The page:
Walking Your Own Path Post Written by Guest Blogger Monica Woodhams
Taylor Swift said it best – “we’re happy, free, confused, and lonely at the same time.” Halfway through my twenties, I can’t think of a better way to describe the last five years. The two biggest life lessons I’ve learned are that it’s ok to be selfish sometimes and to trust my gut. I’m still learning that everyone has a different path and it’s impossible to compare your life stages to others in your twenties. Sometimes I remember this, sometimes I don’t.
About five months ago I was living in Dallas and had gotten the itch to move. I wasn’t completely sure where, but the city contenders included Los Angeles and Nashville, despite my hometown being Kansas City. The hardest part of this was the job search. Moving meant quitting my job as the couture assistant buyer for NeimanMarcus.com. Isn’t that a dream job? How could I just quit a job that is “so cool?” I knew I wasn’t happy and while it was considered a dream job, it wasn’t my dream job We all have a path in life to follow and if you are not happy with your career path, there is no harm in switching it up. If you’re not happy in your job, apply for another one. If it helps, doing research before hand or even planning out answers for potential questions can make all the difference when it comes to your responses for future interviews. Even if you think you are going to ace the interview questions, it won’t harm you to take a look into something like Berke assessment testing solutions. This way, you’ll get a better understanding as to why you are being asked certain questions and you’ll have time to prepare an answer, even if it is a face to face interview. Hopefully this time round, you’ll land a job that you have always wanted, instead of following someone else’s path for you.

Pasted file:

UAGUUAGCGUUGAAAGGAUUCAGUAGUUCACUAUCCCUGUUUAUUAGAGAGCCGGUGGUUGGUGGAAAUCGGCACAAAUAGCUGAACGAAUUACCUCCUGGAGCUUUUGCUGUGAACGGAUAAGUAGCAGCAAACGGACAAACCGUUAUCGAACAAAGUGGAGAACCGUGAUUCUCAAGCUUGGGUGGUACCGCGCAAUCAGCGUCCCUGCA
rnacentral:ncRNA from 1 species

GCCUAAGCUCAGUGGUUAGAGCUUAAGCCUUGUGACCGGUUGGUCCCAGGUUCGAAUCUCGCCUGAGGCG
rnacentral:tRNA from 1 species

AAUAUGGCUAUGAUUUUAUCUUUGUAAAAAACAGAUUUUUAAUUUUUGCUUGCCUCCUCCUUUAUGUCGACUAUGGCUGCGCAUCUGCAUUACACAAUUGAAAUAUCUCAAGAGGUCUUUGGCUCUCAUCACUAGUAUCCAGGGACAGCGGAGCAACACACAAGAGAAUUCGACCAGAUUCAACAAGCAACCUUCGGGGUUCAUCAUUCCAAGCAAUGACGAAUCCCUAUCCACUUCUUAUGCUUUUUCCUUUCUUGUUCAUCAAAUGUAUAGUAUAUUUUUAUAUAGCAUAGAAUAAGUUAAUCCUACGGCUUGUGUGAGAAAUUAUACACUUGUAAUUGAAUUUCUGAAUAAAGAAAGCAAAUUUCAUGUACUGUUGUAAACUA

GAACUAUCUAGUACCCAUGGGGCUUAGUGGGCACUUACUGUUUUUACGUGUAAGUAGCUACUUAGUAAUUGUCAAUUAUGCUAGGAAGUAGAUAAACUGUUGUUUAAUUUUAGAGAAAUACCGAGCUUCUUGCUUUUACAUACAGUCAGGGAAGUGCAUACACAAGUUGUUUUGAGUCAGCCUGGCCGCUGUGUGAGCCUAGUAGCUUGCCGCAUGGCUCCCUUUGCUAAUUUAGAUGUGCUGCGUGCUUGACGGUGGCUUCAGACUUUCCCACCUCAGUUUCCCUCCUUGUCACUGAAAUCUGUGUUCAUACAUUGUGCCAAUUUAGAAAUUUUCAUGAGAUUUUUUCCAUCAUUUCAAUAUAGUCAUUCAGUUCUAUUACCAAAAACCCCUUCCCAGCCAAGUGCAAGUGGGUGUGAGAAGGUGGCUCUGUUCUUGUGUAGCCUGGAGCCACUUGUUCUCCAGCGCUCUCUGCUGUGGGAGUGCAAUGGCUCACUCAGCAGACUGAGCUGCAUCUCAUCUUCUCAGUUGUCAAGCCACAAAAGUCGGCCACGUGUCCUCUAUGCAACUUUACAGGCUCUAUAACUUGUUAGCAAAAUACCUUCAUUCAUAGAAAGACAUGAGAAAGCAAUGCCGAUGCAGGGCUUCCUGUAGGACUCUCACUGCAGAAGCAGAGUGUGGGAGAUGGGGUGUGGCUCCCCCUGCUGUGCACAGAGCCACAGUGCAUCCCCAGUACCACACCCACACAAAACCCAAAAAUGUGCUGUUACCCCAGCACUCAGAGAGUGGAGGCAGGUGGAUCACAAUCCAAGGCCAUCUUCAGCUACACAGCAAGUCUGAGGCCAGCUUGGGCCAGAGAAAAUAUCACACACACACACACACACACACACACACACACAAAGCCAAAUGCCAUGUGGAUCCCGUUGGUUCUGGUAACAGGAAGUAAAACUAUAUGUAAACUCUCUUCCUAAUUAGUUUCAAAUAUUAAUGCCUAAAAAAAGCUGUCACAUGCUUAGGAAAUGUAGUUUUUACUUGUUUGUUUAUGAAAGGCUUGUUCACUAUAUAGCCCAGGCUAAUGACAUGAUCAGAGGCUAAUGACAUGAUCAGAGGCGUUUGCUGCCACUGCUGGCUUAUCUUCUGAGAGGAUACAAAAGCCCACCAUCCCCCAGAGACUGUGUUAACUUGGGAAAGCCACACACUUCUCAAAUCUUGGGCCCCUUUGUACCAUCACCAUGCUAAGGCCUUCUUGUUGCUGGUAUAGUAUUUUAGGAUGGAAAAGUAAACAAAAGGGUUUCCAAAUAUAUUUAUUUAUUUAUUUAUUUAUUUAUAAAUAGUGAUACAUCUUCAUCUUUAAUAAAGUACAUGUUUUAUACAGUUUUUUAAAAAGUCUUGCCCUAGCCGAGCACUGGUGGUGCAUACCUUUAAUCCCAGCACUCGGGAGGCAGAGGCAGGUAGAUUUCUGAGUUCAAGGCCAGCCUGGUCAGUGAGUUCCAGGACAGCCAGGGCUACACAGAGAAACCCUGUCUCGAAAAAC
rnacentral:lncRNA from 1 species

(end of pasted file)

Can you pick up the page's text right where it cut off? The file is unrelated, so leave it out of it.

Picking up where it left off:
The second hardest part of this was the mixed reactions I received. On one hand, my friends and family were supportive of me moving away for new job and life experiences. On the other hand, they were not convinced that this was the time to do it. Some friends thought that if I moved, it would take longer for me to settle down and others were saying that I should just move back home. My first reaction to this was that this was a ridiculous strategy for a twenty-four year old. However, as I was seeing that this is what my friends were doing, I thought maybe I was one the one who had it wrong.
From where I stood, it felt like my friends were starting to settle down left and right. Between my best friend from college getting married, to my group of friends going from mostly single to all in serious relationships, and my roommate getting engaged, I didn’t know where I fit in all of this. I felt somewhat left out and somewhat worried that I was off track and needed to get on the same track as everyone else. Apparently this is something that comes with growing up in the Midwest and living in Texas.